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Ravens open the season one and oh!

Posted on 12 September 2016 by Dennis Koulatsos

 

It was far from pretty and even farther from perfect, but is sure was nice.  After last season’s brutal opening road schedule and dismal 5-11 record, it was indeed downloadvery nice for the Ravens to come out of the gate with a win.

Rex Ryan’s team had a very difficult time moving the ball on the Ravens’ defense, particularly in the opening and final quarter. Shareece Wright was downright amazing, as he finished with 9 tackles, three of them behind the line of scrimmage.  He was also solid in pass coverage.

The communication seemed to be much better for the back end of the defense, in stark comparison to a  year ago.  Eric Weddle, Lardarius Webb, Jimmy Smith and Wright seemed to be on the same page for the bulk of the game.

According to our friends at Pro Football Focus, Weddle had the highest overall grade on the team, followed by Wright.  On the offensive side of the ball the standouts were QB Joe Flacco, RG Marshall Yanda (penalties aside he was lights out), and Mike Wallace.

The offense looked out of sync at times, but that was to be expected, as this was the first time a lot of the players were on the field at the same time.  Their pace and rhythm should improve as the season matures.

Standouts for the Bills were primarily on the defensive side as LB Preston Brown and rush end Jerry Hughes were generally disruptive and presented the Ravens offensive line with all kinds of problems.  It is also noteworthy that the Ravens started two rookies on the left side, tackle Ronnie Stanley and guard Alex Lewis.

The Bills’ offense struggled and their highest graded offensive player was TE Charles Clay.  Tyrod Taylor struggled to find open receivers down field, and was held in check by the Ravens’ defense. Shady McCoy got around the edge a couple of times, but he was also held under wraps without inflicting any significant damage.

The Bills’ coaching staff is getting some criticism this morning by their fan base as well as the media. The narrative is that they got schooled by the Ravens’ coaching staff, pointing out that the Ravens have been in the playoffs 6 out of the last 8 years under coach Harbaugh. Their clock management and untimely personal foul penalties are particularly coming under scrutiny. The undisciplined tag that’s been following Rex Ryan around has reared it’s ugly head once again.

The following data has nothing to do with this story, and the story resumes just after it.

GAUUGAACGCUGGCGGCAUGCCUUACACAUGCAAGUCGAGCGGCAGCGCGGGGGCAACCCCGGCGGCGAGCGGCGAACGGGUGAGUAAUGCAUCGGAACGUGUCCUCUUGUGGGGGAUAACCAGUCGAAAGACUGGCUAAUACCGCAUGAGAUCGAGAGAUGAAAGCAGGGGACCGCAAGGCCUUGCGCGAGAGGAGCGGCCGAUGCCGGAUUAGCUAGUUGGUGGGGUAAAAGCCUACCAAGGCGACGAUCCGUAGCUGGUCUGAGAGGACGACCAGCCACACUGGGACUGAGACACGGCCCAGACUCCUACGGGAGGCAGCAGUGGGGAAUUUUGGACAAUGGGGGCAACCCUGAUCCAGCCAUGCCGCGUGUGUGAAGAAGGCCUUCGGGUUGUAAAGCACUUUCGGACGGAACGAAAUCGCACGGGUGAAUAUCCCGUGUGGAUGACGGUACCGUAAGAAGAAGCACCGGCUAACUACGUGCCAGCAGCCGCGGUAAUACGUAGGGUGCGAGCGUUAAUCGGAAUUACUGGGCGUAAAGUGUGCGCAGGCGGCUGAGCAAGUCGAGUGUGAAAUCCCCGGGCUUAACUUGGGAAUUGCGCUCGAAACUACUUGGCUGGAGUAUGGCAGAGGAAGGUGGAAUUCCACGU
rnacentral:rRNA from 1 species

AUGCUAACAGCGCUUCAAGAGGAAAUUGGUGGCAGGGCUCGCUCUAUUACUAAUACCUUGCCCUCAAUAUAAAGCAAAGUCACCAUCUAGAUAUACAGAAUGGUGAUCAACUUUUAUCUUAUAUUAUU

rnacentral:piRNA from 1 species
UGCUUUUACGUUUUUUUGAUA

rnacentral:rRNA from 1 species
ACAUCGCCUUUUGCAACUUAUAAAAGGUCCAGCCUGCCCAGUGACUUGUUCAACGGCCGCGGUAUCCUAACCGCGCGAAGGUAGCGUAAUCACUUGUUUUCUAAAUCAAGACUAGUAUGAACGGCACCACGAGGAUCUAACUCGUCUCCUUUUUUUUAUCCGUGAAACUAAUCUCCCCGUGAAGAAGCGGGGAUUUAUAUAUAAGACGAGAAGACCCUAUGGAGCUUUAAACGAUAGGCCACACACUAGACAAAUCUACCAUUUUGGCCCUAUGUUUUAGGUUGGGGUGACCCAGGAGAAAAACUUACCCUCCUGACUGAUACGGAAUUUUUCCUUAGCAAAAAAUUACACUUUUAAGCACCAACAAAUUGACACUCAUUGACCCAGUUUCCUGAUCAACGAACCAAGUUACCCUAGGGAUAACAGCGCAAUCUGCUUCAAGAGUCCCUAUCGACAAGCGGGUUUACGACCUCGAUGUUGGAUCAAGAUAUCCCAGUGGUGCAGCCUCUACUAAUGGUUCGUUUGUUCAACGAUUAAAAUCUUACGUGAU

As for the Ravens, for me the biggest red flag was Marc Trestman and his play calling. It was downright maddening to see the team come out time and again on third and short with Flacco in a shotgun formation. For a team that vowed to commit to the run this year, they sure did pass a lot.  The team ran the ball 45% of the time as there were 28 running plays against 34 pass plays.  When you take into account the 4 “runs” that Joe Flacco was given credit for (including game ending kneel-downs in the victory formation) the ratio drops to 41%.

For a team that has a lead blocker and thumper in Kyle Juszczyk, and a back who has displayed great heart and determination in short yardage situations in Terrance West, it defies logic to see both of them on the bench while Flacco is in the gun formation.  Given Flacco’s knee situation, it is crystal clear and understandable that the Ravens have taken the QB sneak out of their playbook.  But there are so many solid and creative things they can do on short yardage situations.  That was evident as I watched the Sunday Night scrum between the Cardinals and the Patriots.  Both offensive coordinators showed multiple looks and formations, and the Ravens would be wise to roll the tape and “borrow” a few things here and there.

For a while there I had to check to make sure that Cam Cameron was still at LSU vs. the Ravens’ sideline. Trestman was run out of Chicago and overwhelmingly the primary gripe from players and fans alike was that his offense was too pass happy. I sure hope coach John Harbaugh intervenes and makes sure that the Ravens game plan is run heavy this week as the team travels to Cleveland.

In a memorable loss to Jacksonville years ago, when Ray Rice carried the ball something like 8 times, I’ll never forget a quote by Terrell Suggs that has stuck with me through the years. After that loss he said that “when you go on the road, you pack your defense and your running game.”  I think that is great advice, and the Ravens need to pay attention here.